“Underground” is the cut I’d imagine people will respond to the most. Produced by Trunxks Beatz for the King Of The Beats contest, you can hear KC rise to the challenge and put in one of the most complex and dynamic flows in this set of singles we’ve got. The “story of an underground rapper trying to make it out” according to the main page at Soundcloud – King Cotz’s story is like many of yours out there; while I might advise caution about treading on ground where many boots have stepped before him – it’s what you do with your time that makes the difference, and that’s where he excels through the bars on this final single of the set/most-recent release. Around the fifty-second mark, that’s where things kick into the most intense gears from this emcee and certainly on this song; I have no doubt that the speed he reaches will likely go beyond most people’s comprehension, but if you’re listening, you’ll hear KC hittin’ the bars clearly and rampaging all over this beat. So it’ll take you at least four or five listens to catch everything he’s sayin’ – hell, maybe more than that – the bottom line is, he’s practiced, rehearsed, and ready for this moment on “Underground” – and what he’s doin’ is by no means any simple task. He’ll shift through different modes, speeds, and styles as he storms through “Underground” with huge strings of words comin’ at ya quickly, and KC making smart choices to dial-back the energy at different points to create that separation between moments as we listen. Speed is absolutely a factor and part of the allure here – King Cotz scorches through line after line with confidence and raw power, going for nearly a full two-minute stretch that will leave you wondering where he found the time to catch his breath in the song’s finale. I’d be taking a strong look at this entire track though if I was the King…this works – it’s wild AF, the beat is huge, the vocals are straight fire and confidence, the flow is wicked and the entire cuts makes an impact. Lyrically, sure maybe there’s the odd line in “Underground” that could be sharpened up a little bit…to me, it’s all about where the emphasis is falling…those are the words that you want to stand out, and in that respect, they need to be stand out words as well. When King Cotz is at his most intense, the dude sounds all-out unstoppable, hitting you with a freight-train barrage of words at max speed – but in those moments where things spread out in the music and we get a better chance to absorb those lyrics, that’s when you really wanna make sure they count. And that’s not me saying he doesn’t give you plenty of examples of this very point in full-effect, but I’m also saying there are a few spots where there could still be a way to elevate his craft even further. Think of the verse heading towards the ninety-second mark for example…it works, it fits, it sounds good – but could he hit these bars with a more enticing selection of words at the end of each line? Arguably yes, of course he’s capable. Especially when you do get a chance to hear the words he’s put into the most heated moments on the mic and the imagery he’s put into his lyrics…that’s when he’s really excelling and showing his skills both written & verbal. Ultimately, I think “Sinister” is decent, “Voices” is solid, and “Underground” is inarguably the best of the bunch – this final track is hands-down the most versatile in sound and performance, though it should be noted that it’s much more the verses that’ll pull you in than the main chorus hooks. Ain’t nothing wrong with that, especially in the world of Rap/Hip-Hop – you want the words to stand out, because that’s where the work is really put in, and the craft is then applied on the mic in-turn. Like, listen to the moment around the three-minute mark – King Cotz is at his most large & in-charge, sounding like he’s rappin’ at ya from atop of a mountain deep into the valley below, and still able to knock you out with the sheer force of power as an emcee, even from so far away. “Underground” is a huge step in the right direction for King Cotz – dynamic performance, dramatic music; it’s a single that’s designed to retain your attention both lyrically, verbally, & by sheer sonic force.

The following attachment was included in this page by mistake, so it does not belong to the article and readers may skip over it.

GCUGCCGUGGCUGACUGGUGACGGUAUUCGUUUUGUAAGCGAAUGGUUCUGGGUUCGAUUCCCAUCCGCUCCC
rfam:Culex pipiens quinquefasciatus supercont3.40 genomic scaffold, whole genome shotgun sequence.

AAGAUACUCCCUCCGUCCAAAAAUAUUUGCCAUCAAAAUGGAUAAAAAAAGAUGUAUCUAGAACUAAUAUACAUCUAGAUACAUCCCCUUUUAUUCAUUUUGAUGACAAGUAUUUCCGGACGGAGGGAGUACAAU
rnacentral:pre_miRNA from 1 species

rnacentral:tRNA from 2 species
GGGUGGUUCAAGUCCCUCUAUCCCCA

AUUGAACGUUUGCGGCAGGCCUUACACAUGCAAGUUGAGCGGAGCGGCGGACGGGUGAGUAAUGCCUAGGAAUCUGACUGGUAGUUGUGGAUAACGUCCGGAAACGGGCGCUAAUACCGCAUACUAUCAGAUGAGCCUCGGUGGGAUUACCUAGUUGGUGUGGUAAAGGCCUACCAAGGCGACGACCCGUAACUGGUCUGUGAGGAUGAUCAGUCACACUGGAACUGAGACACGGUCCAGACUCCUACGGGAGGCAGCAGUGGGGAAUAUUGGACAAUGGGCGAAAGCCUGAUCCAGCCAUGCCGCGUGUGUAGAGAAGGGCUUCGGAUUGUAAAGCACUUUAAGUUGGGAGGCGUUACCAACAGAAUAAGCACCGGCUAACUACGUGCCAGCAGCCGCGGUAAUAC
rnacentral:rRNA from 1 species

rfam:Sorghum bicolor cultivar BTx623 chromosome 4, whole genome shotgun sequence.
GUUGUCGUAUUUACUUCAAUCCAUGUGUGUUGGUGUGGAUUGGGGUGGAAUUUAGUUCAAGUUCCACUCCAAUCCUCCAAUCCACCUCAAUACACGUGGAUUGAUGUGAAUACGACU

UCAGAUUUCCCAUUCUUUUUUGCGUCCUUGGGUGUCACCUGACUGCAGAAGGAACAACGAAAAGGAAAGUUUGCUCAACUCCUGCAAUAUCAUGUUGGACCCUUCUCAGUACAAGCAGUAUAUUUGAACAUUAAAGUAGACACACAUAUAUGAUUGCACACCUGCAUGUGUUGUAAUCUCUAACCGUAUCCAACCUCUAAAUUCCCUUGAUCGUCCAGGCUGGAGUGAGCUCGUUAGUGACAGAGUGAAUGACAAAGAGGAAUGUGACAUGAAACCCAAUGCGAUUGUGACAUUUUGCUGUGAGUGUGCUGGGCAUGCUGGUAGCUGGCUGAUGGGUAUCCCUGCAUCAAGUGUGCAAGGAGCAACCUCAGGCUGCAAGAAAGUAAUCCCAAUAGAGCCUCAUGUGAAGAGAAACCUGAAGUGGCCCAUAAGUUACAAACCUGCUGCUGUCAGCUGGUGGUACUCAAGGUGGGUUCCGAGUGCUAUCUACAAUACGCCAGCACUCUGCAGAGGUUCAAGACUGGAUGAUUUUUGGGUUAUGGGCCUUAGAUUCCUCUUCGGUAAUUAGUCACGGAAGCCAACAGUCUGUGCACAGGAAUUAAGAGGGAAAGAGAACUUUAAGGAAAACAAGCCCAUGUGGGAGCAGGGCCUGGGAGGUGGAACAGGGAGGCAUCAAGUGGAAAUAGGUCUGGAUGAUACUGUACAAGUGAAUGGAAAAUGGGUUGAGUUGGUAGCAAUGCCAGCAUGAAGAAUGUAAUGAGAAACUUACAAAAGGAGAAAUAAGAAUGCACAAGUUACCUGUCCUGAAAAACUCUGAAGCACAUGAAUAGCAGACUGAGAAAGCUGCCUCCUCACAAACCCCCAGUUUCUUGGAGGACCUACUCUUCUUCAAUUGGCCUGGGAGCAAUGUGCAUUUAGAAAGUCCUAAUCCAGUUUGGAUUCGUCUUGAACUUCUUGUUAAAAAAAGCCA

Find out more about King Cotz at his official page at Instagram: https://www.instagram.com/kingcotz